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NESS 2006 Annual Meeting
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Does High Volume Bariatric Surgery Fellowship Training Affect Laparoscopic Roux-en-Y Gastric Bypass Outcomes?
Liam A Haveran, Joshua Felsher, Josh Hill, Vera Freeman, Donald Czerniach, Richard Perugini, Stephen Baker, John Kelly
UMass Memorial Medical Center, Worcester, MA

Objective: Laparoscopic gastric bypass is a technically difficult procedure associated with a steep learning curve. It follows that the learning curve may be shorter for surgeons who have completed formal fellowship training in laparoscopic gastric bypass surgery.
Design: Retrospective study.
Setting: Tertiary care academic center.
Patients: The first 120 consecutive morbidly obese patients undergoing laparoscopic Roux-en-Y gastric bypass surgery by 3 different surgeons. Surgeon 1 completed laparoscopic fellowship program which did not include Bariatric surgery. Surgeons 2 and 3 completed fellowship training with an emphasis on bariatric surgery.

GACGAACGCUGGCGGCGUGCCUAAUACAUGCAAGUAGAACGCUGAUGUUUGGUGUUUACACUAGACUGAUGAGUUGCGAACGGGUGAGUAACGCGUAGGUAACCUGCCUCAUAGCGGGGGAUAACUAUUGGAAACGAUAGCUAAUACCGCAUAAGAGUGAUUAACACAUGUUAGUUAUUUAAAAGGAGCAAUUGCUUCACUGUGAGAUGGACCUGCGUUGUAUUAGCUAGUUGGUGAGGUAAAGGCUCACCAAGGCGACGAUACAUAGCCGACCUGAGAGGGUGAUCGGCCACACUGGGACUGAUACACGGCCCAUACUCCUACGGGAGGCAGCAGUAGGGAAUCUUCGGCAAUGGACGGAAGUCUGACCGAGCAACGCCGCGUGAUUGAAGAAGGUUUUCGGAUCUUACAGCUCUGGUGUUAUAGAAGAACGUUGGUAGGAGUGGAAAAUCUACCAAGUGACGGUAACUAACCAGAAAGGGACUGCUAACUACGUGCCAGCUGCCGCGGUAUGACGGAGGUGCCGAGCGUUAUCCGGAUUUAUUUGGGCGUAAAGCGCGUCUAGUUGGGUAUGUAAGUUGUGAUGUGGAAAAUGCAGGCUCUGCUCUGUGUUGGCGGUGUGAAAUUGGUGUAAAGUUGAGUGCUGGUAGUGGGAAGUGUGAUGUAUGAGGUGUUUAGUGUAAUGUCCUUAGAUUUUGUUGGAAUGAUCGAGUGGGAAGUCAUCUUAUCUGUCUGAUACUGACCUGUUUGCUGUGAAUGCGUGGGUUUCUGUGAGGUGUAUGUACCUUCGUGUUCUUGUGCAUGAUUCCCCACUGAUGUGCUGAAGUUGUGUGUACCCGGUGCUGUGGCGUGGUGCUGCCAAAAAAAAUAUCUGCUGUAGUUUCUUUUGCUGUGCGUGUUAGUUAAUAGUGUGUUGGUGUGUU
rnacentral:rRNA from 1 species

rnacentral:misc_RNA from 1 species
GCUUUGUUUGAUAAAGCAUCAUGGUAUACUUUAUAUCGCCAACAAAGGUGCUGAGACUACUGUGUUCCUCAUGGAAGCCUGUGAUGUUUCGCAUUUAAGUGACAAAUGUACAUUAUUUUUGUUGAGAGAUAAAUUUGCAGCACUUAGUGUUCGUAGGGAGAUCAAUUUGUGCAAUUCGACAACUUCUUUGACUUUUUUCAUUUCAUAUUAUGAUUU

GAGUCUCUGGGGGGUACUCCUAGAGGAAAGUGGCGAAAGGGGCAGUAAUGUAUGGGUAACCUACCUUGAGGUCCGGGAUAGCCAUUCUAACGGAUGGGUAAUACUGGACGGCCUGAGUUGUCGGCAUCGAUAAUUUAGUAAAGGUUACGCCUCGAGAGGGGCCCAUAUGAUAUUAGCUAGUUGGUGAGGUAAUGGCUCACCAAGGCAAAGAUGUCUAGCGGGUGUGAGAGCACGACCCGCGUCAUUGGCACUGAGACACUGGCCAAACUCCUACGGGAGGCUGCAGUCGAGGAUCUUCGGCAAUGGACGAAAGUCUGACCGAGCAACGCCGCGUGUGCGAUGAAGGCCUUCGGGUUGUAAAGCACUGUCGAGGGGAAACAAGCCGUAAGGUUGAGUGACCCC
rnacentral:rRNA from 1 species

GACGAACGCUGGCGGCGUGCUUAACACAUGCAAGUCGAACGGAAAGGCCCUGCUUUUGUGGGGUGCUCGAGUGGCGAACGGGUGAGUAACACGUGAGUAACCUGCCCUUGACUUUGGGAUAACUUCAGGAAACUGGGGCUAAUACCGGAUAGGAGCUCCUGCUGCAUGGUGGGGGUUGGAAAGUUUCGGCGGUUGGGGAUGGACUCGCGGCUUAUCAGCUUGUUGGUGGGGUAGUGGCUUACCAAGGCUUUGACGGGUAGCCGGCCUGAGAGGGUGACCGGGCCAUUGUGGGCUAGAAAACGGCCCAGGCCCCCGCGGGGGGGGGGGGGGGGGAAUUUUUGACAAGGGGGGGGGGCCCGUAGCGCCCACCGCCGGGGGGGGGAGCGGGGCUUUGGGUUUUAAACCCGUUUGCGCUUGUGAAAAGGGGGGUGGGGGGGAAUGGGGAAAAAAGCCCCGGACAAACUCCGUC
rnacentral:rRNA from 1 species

Interventions: Laparoscopic Roux-en-Y gastric bypass.
Main Outcome Measures: Perioperative and postoperative outcomes and complications within the first year.
Results: Operative time decreased significantly faster for surgeons 2 and 3 when compared to surgeon 1 (p < 0.01). Both surgeons 2 and 3 had no mortalities within the first 120 cases, whereas surgeon 1 had 2 (1.7%) mortalities. Mean length of stay was significantly shorter for surgeons 2 and 3 than for surgeon 1 (3.3 vs 4.0 vs 4.2 days, p < 0.01). Total complication rates were significantly less for surgeons 2 and 3 when compared to surgeon 1 (17.5% vs 15% vs 59.2%, p < 0.01). Reoperation rates were not significantly different amongst surgeons.
Conclusions: Two Surgeons with fellowship training in laparoscopic Roux-en-Y gastric bypass surgery had significantly less complications and a shorter learning curve when compared to a surgeon without formal bariatric training. These 3 surgeons represent a small cross section of the bariatric surgery community and a more broad based study is necessary to confirm these findings.

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